"I think it was very brave of her to articulate it like that," Paltrow told ET at the La Mer Celebrates 50 Years of an Icon event. "It's fascinating because part of the issue is that women don't feel entitled to talk about a gender gap."
On Tuesday morning, Lena Dunham and Jenni Konner's Lenny newsletter published an essay penned by Lawrence, where she wrote about getting paid less than her male co-stars in American Hustle.
"When the Sony hack happened and I found out how much less I was being paid than the lucky people with dicks, I didn't get mad at Sony. I got mad at myself," the 25-year-old star wrote. "I failed as a negotiator because I gave up early. I didn't want to keep fighting over millions of dollars that, frankly, due to two franchises, I don't need."
Both Lawrence and Paltrow admit that they are "fortunate" to be receiving such a "fantastic salary" in the entertainment industry, but the pay gap between men and women is still an issue. "I think it's very brave to say, 'Hey wait a minute. I'm just not being paid the same as a man, just based on that job,'" the Iron Man actress explained.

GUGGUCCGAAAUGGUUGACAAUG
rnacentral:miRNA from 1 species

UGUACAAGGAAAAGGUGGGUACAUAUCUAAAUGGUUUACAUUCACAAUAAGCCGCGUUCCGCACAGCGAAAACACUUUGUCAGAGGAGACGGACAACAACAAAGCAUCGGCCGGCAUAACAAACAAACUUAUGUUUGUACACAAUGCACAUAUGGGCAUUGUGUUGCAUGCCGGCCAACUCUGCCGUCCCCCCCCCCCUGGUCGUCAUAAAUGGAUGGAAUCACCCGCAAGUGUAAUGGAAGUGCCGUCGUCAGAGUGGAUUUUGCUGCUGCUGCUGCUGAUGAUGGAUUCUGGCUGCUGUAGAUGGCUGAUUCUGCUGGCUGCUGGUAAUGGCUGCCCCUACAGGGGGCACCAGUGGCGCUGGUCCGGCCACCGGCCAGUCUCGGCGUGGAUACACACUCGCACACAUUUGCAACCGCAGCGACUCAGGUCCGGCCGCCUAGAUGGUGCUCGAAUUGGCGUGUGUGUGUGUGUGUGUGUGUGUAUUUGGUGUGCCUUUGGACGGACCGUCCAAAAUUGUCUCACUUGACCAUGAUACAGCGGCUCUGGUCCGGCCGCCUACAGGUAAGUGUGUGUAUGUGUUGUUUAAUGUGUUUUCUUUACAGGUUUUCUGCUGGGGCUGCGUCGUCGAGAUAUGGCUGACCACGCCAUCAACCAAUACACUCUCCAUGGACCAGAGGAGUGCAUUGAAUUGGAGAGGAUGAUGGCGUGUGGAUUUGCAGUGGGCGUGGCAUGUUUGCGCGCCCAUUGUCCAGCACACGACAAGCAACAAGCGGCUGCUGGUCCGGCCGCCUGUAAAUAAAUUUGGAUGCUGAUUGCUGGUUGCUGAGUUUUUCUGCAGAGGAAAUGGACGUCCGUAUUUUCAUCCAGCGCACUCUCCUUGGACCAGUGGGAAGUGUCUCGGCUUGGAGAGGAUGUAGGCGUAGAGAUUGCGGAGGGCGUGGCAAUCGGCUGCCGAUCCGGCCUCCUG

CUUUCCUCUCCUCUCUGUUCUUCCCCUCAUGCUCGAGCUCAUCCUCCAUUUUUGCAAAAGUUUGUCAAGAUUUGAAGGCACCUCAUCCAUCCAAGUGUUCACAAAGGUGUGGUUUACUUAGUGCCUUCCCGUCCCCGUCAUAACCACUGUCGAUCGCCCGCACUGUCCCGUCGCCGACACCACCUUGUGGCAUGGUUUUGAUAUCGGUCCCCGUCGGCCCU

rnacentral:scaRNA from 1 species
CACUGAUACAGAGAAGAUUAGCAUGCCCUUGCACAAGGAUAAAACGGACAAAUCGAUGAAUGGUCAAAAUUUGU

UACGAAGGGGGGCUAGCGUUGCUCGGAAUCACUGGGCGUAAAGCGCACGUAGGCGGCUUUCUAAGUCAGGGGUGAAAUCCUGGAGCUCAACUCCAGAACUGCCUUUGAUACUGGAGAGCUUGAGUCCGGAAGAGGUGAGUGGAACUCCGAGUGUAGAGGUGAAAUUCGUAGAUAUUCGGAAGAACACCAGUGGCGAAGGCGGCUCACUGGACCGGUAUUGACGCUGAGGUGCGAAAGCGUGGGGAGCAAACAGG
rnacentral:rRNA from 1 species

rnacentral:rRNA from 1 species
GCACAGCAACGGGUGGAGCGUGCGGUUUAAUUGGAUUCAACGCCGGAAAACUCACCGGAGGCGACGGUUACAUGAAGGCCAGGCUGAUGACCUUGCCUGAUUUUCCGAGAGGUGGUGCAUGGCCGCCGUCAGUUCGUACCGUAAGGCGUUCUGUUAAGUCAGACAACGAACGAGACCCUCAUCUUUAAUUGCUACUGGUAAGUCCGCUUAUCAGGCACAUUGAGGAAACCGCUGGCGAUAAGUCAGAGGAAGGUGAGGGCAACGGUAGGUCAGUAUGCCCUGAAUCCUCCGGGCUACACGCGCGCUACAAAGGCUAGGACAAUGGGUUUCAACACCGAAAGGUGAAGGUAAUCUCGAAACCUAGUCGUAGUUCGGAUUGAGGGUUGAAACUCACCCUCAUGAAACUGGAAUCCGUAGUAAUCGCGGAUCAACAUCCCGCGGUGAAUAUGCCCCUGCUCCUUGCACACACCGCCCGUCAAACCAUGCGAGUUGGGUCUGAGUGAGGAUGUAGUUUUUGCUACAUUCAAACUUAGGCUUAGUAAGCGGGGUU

"I didn't want to seem 'difficult' or 'spoiled.' At the time, that seemed like a fine idea, until I saw the payroll on the Internet and realized every man I was working with definitely didn’t worry about being 'difficult' or 'spoiled,'" Lawrence said of her salary negotiations. "This is an element of my personality that I’ve been working against for years, and based on the statistics, I don’t think I’m the only woman with this issue."
"There's a double standard in the whole world, yeah, for sure. This is just one aspect," Cooper said. "Anytime there's a place where a voice can come out and be outspoken -- something Sienna did, or Jennifer -- that's great. ... I think it is making a difference."